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Can someone tell me what temperatures the tick marks on this temperature gauge represents?
Anything above the middle is a "little warm" and left of the middle is a "little cool."
Maybe approximately 160 - 210? I'm trying to calibrate a fan controller using these tick marks.
.........Not........going......to........happen. Invest in a thermometer. Those guages were never "really" calibrated, nor accurate
I run a mechanical temp gauge (like a thermometer basically) and a thermostatic controller for the fan. Not a big deal at all really but since they agree with each other on the temps it makes it kind of a verification that is nice. The thermostat for the fan comes on at 210 according to the settings on it, and when the fan comes on the gauge says 210 on the nose. There is no way you will do anything but guess until you can verify temps in degrees. Now I get to mess with you a little.
The 3 little dots at bottom of screen are the factory calibration targets. I could go to the book and report what temp that middle dot ( 23 ohms ) represents. Those targets cant be seen once the gauge is installed though. If it helps, when the gauge was new, the first heavy hash mark ( shown as "pretty good" above ) is 34 ohms, approx' 180 degrees, and where OEM thermostats begin to function.
Get an aftermarket temp gauge... and mount it permanently...
that's exactly what you have - cold (or not working)/ all good / going up hill pulling a trailer on a hot day/ OH CRAP!! PULL OVER! my wife got me one of those Lazer heat guns, verified my gage.
Get one of these. They are slick.
Actually your assessment of "calibration" is quite good!!
:laughing: What are ya? New? Hell to the no!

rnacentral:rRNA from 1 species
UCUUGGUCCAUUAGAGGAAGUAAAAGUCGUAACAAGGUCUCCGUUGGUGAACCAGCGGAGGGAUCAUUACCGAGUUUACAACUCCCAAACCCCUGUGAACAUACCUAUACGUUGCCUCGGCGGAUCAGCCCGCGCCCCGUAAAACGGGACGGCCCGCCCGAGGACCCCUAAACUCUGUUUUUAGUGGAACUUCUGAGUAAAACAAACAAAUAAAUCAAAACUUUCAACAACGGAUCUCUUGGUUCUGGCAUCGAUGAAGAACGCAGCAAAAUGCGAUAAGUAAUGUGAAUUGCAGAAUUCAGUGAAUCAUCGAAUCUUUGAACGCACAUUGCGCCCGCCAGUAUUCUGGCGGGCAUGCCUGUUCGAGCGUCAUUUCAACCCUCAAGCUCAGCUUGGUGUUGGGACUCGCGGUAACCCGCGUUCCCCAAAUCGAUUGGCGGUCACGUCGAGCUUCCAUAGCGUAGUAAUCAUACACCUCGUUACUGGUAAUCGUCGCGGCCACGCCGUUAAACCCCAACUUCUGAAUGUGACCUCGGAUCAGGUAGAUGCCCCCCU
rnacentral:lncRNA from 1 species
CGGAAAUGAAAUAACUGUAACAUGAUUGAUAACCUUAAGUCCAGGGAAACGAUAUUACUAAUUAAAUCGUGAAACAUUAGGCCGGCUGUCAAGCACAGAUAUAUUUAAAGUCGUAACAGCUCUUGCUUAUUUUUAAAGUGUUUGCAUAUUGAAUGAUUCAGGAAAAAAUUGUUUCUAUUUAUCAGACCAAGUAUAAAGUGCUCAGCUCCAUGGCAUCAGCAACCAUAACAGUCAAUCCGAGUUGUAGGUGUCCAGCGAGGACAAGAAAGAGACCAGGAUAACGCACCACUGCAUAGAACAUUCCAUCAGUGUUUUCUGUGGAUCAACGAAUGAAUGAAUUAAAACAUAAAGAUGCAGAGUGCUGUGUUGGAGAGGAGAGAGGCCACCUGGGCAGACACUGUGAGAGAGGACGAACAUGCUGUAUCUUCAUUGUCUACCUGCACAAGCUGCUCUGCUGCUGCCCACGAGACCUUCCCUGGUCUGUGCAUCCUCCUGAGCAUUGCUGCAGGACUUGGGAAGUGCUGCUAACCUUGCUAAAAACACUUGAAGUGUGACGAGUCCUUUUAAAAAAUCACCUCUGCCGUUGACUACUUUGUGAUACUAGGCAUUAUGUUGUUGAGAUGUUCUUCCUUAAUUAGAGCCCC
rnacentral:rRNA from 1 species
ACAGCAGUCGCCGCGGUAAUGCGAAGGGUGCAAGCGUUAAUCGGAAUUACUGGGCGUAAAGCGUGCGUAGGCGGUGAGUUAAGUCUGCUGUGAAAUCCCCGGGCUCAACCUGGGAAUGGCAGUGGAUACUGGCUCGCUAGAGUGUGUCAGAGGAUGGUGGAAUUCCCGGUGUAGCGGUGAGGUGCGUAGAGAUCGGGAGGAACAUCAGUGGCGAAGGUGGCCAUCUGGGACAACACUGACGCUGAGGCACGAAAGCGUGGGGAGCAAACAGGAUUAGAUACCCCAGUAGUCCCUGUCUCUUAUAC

Thanks for the info. It prompts a few more questions. If the center dot equals 23 ohms and the first heavy mark is 34 ohms ~180º, then what are the temp and ohm values of the other two dots for a new gauge , per the book? In your experience, as the systems age, do they tend to read cooler or hotter than they did when they were new? How do I test the temperature sensor and what sort of resistance value should be expected? (i.e. How do I know if the temp sensor is good?) Is there a difference between a senor for an idiot light and a gauge? How can I tell which one is which?
Thanks for the replies so far. I was afraid that would be the answers I would get. I'm installing electric fans and using the Pac 2750 as the fan controller. I'm trying to map the controller to my temperature sender by programming temperatures in based on the tick marks on the standard gauge. Assuming the standard gauge is operating correctly, I assume the marks represent some predetermined temperature. I may have to use the temperature selection on my Fluke to verify and calibrate the controller. Trailbeast that's how it usually goes.
Redfish, good info. If you have more information on what the middle dot and the others represent, I'd love to know.
Yea, you'll be ahead if you shoot it with a temp gun or something like that and set your controller with that if you are determined to do it without an actual temp gauge. These old parts vary quite a bit after all these years (especially electrical) BTW, and idiot light uses an on/off switch type system that turns the dash light on at a single given temp, and a gauge like you posted the pic of uses a varied resistance voltage. You can determine the difference between the senders with a simple resistance type meter. Or, you can usually tell because senders for gauges are usually somewhat bigger in size.
I calibrated my gauge to the water temperature (205). I had to bend the thingy to make it line up where I wanted it to be. So now I know exactly where "normal" is.... And nothing else.But really, that's all I need to know. I did the same to my gas gauge.When it hits "E", I have about 2 liters left.So E really means EMPTY! Cuz 2 liters is like 2 US quarts. I can barely drive around the block on that!
I can't give away all the info I have on these S-W for Chrysler instruments. Paid too much for it.
Paid too much, eh? Neiman-Marcus is an ultra high-end retailer in the Dallas area. Here's the story with news you may want to use. Neiman - Marcus $250 Cookie Recipe - Recipe - Cooks.com
I always considered the two heavier bars indicate normal operating range depending on ambient temps. As to what those translate to in degrees I yield to redfish....